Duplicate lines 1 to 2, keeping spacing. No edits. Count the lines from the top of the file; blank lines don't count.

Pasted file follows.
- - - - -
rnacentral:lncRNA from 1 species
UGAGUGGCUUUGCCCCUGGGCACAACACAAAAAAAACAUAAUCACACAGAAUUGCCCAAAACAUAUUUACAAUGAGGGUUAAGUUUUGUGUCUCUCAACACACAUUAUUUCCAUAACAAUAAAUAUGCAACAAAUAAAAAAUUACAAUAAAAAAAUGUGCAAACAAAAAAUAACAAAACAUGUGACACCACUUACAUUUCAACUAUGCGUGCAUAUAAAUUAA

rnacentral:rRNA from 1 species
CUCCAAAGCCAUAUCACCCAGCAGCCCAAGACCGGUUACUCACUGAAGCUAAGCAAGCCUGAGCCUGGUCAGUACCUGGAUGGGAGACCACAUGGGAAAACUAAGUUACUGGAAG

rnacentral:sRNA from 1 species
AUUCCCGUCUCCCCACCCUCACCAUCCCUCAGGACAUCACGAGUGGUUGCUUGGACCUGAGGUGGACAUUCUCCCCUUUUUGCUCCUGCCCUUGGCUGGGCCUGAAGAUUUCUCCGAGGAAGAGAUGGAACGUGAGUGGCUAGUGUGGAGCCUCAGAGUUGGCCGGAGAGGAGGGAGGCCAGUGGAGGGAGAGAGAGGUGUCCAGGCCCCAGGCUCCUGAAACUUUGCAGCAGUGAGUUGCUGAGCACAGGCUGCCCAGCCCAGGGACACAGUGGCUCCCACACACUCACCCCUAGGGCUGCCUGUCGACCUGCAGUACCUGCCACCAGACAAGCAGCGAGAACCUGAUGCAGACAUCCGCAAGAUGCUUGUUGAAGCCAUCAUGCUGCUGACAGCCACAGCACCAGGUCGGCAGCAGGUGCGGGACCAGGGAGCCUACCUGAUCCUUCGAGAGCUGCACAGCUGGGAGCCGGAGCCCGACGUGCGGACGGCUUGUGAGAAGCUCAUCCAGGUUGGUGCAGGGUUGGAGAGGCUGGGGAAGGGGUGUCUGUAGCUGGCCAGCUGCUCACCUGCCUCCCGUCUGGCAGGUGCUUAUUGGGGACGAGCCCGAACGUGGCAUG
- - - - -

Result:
rnacentral:lncRNA from 1 species
UGAGUGGCUUUGCCCCUGGGCACAACACAAAAAAAACAUAAUCACACAGAAUUGCCCAAAACAUAUUUACAAUGAGGGUUAAGUUUUGUGUCUCUCAACACACAUUAUUUCCAUAACAAUAAAUAUGCAACAAAUAAAAAAUUACAAUAAAAAAAUGUGCAAACAAAAAAUAACAAAACAUGUGACACCACUUACAUUUCAACUAUGCGUGCAUAUAAAUUAA